Eurobonds. German Chancellor Angela Merkel hates them. French President François Hollande loves them. And a growing chorus of EU officials think they’re the best bet for preserving the euro.
But are they, really?
The pro-eurobond case is simple enough: Instead of issuing their own sovereign debt, nations would issuebonds collectively and they’d share liability and debt service responsibility. Yields would no longer vary throughout the monetary union, theoretically smoothing one of the eurozone’s most glaring imbalances. Peripheral nations’ borrowing costs would likely fall, making it easier for them to borrow, service outstanding debt and stay solvent. So far, so good.
Easier borrowing also helps nations finance public infrastructure projects — the main reason Hollande, Italian Prime Minister Mario Monti and their Brussels cohorts are so enamored of them. They believe fiscal stimulus will best help peripheral Europe’s weaker nations start growing again, but financing these projects on a large scale is exceedingly difficult under the current system.
The European Commission typically pitches in, but nearly half of EU member states oppose increasing the Commission’s budget. To nations like the UK, which are trying to rein in debt, sending more money to Brussels doesn’t make sense. Eurobonds would theoretically provide a workaround to such political hang-ups.
To Merkel and her constituents, however, the advantages are overstated and the risks, particularly to Germany, glossed over. If Germany were forced to borrow through a collective scheme, where peripheral risks as well as German fiscal strength would determine yields, its borrowing costs would likely rise, and German taxpayers don’t want to pay for (in their eyes) the profligacy of others. (A phenomenon Ken Fisher wrote about here.)
And, as one German official told Reuters, pooling debt likely unleashes “unpleasant” political tensions over what is and isn’t appropriate fiscal policy — tensions that could dwarf today’s bailout politicking.
Merkel also quibbles with eurobonds’ larger purpose, infrastructure financing. Cross-border transport, water and communication projects can give economies a bit of a boost in the short term, but they don’t do much to rectify nations’ divergent competitiveness–the issue at the eurozone’s heart. As Ken Fisher also recently wrote, Europe’s share of the global economy has fallen since similar troubles hit the region 20 years ago — high unit labor costs, bloated public sectors and regulatory red tape have hampered productivity in some nations, making it difficult for them to compete within Europe and globally. Merkel has long championed free-market reforms to restore competitiveness will lay the best foundation for long-term growth, To her, eurobonds are a distraction and, at best, a Band-Aid.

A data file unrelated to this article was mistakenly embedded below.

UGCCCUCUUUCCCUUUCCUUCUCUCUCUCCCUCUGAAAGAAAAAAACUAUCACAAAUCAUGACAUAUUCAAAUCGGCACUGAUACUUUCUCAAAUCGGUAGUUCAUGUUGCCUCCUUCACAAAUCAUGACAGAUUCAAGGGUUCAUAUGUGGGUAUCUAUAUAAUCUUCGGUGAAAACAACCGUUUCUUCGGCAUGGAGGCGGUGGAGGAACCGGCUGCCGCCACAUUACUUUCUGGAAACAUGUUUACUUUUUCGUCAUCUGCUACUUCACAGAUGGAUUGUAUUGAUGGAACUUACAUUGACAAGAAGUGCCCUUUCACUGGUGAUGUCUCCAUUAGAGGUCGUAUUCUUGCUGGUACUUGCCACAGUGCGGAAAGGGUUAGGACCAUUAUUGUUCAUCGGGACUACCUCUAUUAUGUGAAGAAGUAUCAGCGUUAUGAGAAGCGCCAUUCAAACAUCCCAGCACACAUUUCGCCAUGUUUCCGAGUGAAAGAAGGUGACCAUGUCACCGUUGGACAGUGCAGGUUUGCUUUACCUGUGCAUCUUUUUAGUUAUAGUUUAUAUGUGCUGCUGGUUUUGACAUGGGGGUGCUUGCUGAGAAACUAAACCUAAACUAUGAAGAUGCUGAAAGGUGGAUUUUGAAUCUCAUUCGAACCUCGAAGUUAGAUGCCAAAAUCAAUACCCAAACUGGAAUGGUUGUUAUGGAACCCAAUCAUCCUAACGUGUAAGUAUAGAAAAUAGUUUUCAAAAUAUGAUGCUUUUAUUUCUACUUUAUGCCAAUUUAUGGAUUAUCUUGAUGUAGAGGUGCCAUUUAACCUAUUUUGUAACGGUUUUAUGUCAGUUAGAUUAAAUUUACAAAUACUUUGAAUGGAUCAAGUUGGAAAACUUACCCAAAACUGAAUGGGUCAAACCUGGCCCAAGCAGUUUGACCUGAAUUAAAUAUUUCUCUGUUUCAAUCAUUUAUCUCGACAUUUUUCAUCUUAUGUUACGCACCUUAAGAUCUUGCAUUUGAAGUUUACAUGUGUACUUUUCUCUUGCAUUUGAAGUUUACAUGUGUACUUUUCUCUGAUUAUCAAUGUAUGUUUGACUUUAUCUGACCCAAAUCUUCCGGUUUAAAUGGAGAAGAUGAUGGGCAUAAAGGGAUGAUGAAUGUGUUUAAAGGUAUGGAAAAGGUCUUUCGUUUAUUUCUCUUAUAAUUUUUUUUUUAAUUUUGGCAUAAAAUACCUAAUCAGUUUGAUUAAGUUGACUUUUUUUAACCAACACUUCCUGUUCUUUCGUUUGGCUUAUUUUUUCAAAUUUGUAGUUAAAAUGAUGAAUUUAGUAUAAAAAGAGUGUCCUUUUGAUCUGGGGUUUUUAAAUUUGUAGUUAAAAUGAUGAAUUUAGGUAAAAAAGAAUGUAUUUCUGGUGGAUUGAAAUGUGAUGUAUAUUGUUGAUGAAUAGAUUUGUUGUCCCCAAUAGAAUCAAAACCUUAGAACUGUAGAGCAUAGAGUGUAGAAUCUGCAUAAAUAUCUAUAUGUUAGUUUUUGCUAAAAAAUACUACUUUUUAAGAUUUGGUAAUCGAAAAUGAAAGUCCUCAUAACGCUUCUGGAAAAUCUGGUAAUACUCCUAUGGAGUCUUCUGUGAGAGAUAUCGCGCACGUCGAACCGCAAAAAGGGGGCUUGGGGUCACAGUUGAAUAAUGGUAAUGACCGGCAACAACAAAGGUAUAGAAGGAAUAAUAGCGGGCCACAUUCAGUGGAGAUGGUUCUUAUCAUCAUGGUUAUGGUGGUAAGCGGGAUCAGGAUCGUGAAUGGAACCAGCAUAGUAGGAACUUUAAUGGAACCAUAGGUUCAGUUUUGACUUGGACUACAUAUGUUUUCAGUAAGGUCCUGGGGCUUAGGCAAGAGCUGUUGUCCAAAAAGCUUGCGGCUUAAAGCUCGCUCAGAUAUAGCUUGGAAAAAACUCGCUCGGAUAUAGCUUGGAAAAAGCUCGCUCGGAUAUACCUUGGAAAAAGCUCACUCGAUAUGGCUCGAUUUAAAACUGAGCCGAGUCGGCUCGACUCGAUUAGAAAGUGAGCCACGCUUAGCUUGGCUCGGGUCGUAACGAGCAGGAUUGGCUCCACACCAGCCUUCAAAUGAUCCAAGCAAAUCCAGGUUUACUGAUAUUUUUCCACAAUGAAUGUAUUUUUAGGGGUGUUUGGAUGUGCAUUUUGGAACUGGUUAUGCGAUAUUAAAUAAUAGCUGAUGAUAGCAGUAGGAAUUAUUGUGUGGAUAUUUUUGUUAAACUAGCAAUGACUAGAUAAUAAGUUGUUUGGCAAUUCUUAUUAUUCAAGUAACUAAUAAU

Political debate aside, eurobonds are plagued with so many administrative hurdles, they may never see the light of day. Article 125 of the Lisbon Treaty — the infamous no-bailout clause — states the EU or any member state “shall not be liable for or assume the commitments of central governments, regional, local or other public authorities, other bodies governed by public law, or public undertakings of any member state.” Eurobonds thus require a treaty amendment — a Herculean task, considering all 27 heads of state must sign off and all national parliaments need to ratify it. Negotiations on language all parties find acceptable, including potential opt-outs, could take years.
In Fisher Investments’ view, the deregulation, tax relief and labor market liberalization Merkel’s pushing likely provide the best long-term path for Europe. As ever, though, there’s likely no quick fix for the region.
Even if the union can pull off eurobonds in the far future, as a potential near-term fix for the eurozone they’re no more a silver bullet than any of the other grand plans touted in the past two-plus years. But the political will to preserve the euro remains steadfast, and officials likely continue their step-by-step approach to keeping the currency union intact.